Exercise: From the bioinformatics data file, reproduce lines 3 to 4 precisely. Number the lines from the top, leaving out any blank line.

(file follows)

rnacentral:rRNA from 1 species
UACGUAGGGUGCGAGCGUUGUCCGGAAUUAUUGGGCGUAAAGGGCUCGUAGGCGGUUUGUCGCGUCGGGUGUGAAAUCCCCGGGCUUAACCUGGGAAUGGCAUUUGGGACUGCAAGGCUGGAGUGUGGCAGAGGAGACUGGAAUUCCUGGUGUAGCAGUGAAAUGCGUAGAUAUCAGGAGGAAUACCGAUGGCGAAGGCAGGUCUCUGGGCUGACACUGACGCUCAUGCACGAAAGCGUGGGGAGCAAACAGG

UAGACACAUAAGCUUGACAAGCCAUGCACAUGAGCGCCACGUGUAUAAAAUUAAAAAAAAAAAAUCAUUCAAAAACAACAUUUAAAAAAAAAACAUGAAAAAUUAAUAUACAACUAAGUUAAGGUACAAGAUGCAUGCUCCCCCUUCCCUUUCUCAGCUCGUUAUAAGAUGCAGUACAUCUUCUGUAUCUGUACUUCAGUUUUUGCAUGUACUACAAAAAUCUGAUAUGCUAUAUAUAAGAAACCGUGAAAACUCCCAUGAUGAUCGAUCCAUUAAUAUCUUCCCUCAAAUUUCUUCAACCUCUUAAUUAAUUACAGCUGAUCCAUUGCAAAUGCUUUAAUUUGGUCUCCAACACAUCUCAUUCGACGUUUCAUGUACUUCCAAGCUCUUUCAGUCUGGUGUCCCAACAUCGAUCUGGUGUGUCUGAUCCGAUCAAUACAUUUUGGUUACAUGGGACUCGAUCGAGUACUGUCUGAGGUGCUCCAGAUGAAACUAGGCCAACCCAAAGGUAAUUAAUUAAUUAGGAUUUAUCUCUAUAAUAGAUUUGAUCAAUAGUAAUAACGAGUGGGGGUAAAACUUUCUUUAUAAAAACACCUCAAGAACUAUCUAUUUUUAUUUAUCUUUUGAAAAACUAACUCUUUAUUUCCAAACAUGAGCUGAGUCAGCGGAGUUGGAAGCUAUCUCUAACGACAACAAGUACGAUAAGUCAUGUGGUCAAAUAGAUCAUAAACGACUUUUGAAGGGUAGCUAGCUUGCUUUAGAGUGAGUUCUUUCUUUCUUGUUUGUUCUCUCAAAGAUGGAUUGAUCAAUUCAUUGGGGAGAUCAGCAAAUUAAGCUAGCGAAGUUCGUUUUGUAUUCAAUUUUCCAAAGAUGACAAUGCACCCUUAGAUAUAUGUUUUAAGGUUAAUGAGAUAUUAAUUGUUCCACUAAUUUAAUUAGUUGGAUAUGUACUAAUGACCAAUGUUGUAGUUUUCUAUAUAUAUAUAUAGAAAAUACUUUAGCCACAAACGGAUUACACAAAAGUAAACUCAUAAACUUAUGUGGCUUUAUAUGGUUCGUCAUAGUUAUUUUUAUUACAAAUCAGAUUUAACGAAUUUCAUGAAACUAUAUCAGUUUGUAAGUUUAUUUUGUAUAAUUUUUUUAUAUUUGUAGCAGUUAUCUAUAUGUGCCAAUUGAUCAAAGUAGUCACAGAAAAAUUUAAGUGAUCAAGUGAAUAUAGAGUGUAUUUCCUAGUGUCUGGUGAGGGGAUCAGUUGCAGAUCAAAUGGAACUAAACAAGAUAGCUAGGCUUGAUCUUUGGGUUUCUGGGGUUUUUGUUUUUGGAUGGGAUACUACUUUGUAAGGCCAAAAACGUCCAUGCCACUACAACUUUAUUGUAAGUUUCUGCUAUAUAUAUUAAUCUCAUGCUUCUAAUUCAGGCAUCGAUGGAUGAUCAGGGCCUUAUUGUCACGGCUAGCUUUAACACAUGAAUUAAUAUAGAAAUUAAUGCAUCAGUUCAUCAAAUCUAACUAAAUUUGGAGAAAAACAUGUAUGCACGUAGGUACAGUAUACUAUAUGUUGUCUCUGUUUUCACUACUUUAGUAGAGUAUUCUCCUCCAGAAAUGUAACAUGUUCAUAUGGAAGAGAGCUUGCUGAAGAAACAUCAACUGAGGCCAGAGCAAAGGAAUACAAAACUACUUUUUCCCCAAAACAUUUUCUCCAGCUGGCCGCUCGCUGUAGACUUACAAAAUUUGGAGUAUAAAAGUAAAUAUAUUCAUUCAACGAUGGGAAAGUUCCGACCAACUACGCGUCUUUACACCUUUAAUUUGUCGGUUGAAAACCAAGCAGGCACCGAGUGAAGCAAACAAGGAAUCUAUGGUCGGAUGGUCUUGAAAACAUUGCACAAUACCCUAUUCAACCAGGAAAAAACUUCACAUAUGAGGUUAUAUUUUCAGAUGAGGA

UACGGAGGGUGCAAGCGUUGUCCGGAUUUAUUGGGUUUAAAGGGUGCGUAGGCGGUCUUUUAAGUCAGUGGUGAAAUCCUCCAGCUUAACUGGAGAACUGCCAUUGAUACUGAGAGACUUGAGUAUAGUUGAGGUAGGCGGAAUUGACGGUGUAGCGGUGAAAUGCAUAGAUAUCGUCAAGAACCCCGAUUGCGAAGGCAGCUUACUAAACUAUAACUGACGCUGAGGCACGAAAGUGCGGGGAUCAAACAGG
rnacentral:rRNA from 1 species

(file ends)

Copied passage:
UAGACACAUAAGCUUGACAAGCCAUGCACAUGAGCGCCACGUGUAUAAAAUUAAAAAAAAAAAAUCAUUCAAAAACAACAUUUAAAAAAAAAACAUGAAAAAUUAAUAUACAACUAAGUUAAGGUACAAGAUGCAUGCUCCCCCUUCCCUUUCUCAGCUCGUUAUAAGAUGCAGUACAUCUUCUGUAUCUGUACUUCAGUUUUUGCAUGUACUACAAAAAUCUGAUAUGCUAUAUAUAAGAAACCGUGAAAACUCCCAUGAUGAUCGAUCCAUUAAUAUCUUCCCUCAAAUUUCUUCAACCUCUUAAUUAAUUACAGCUGAUCCAUUGCAAAUGCUUUAAUUUGGUCUCCAACACAUCUCAUUCGACGUUUCAUGUACUUCCAAGCUCUUUCAGUCUGGUGUCCCAACAUCGAUCUGGUGUGUCUGAUCCGAUCAAUACAUUUUGGUUACAUGGGACUCGAUCGAGUACUGUCUGAGGUGCUCCAGAUGAAACUAGGCCAACCCAAAGGUAAUUAAUUAAUUAGGAUUUAUCUCUAUAAUAGAUUUGAUCAAUAGUAAUAACGAGUGGGGGUAAAACUUUCUUUAUAAAAACACCUCAAGAACUAUCUAUUUUUAUUUAUCUUUUGAAAAACUAACUCUUUAUUUCCAAACAUGAGCUGAGUCAGCGGAGUUGGAAGCUAUCUCUAACGACAACAAGUACGAUAAGUCAUGUGGUCAAAUAGAUCAUAAACGACUUUUGAAGGGUAGCUAGCUUGCUUUAGAGUGAGUUCUUUCUUUCUUGUUUGUUCUCUCAAAGAUGGAUUGAUCAAUUCAUUGGGGAGAUCAGCAAAUUAAGCUAGCGAAGUUCGUUUUGUAUUCAAUUUUCCAAAGAUGACAAUGCACCCUUAGAUAUAUGUUUUAAGGUUAAUGAGAUAUUAAUUGUUCCACUAAUUUAAUUAGUUGGAUAUGUACUAAUGACCAAUGUUGUAGUUUUCUAUAUAUAUAUAUAGAAAAUACUUUAGCCACAAACGGAUUACACAAAAGUAAACUCAUAAACUUAUGUGGCUUUAUAUGGUUCGUCAUAGUUAUUUUUAUUACAAAUCAGAUUUAACGAAUUUCAUGAAACUAUAUCAGUUUGUAAGUUUAUUUUGUAUAAUUUUUUUAUAUUUGUAGCAGUUAUCUAUAUGUGCCAAUUGAUCAAAGUAGUCACAGAAAAAUUUAAGUGAUCAAGUGAAUAUAGAGUGUAUUUCCUAGUGUCUGGUGAGGGGAUCAGUUGCAGAUCAAAUGGAACUAAACAAGAUAGCUAGGCUUGAUCUUUGGGUUUCUGGGGUUUUUGUUUUUGGAUGGGAUACUACUUUGUAAGGCCAAAAACGUCCAUGCCACUACAACUUUAUUGUAAGUUUCUGCUAUAUAUAUUAAUCUCAUGCUUCUAAUUCAGGCAUCGAUGGAUGAUCAGGGCCUUAUUGUCACGGCUAGCUUUAACACAUGAAUUAAUAUAGAAAUUAAUGCAUCAGUUCAUCAAAUCUAACUAAAUUUGGAGAAAAACAUGUAUGCACGUAGGUACAGUAUACUAUAUGUUGUCUCUGUUUUCACUACUUUAGUAGAGUAUUCUCCUCCAGAAAUGUAACAUGUUCAUAUGGAAGAGAGCUUGCUGAAGAAACAUCAACUGAGGCCAGAGCAAAGGAAUACAAAACUACUUUUUCCCCAAAACAUUUUCUCCAGCUGGCCGCUCGCUGUAGACUUACAAAAUUUGGAGUAUAAAAGUAAAUAUAUUCAUUCAACGAUGGGAAAGUUCCGACCAACUACGCGUCUUUACACCUUUAAUUUGUCGGUUGAAAACCAAGCAGGCACCGAGUGAAGCAAACAAGGAAUCUAUGGUCGGAUGGUCUUGAAAACAUUGCACAAUACCCUAUUCAACCAGGAAAAAACUUCACAUAUGAGGUUAUAUUUUCAGAUGAGGA

UACGGAGGGUGCAAGCGUUGUCCGGAUUUAUUGGGUUUAAAGGGUGCGUAGGCGGUCUUUUAAGUCAGUGGUGAAAUCCUCCAGCUUAACUGGAGAACUGCCAUUGAUACUGAGAGACUUGAGUAUAGUUGAGGUAGGCGGAAUUGACGGUGUAGCGGUGAAAUGCAUAGAUAUCGUCAAGAACCCCGAUUGCGAAGGCAGCUUACUAAACUAUAACUGACGCUGAGGCACGAAAGUGCGGGGAUCAAACAGG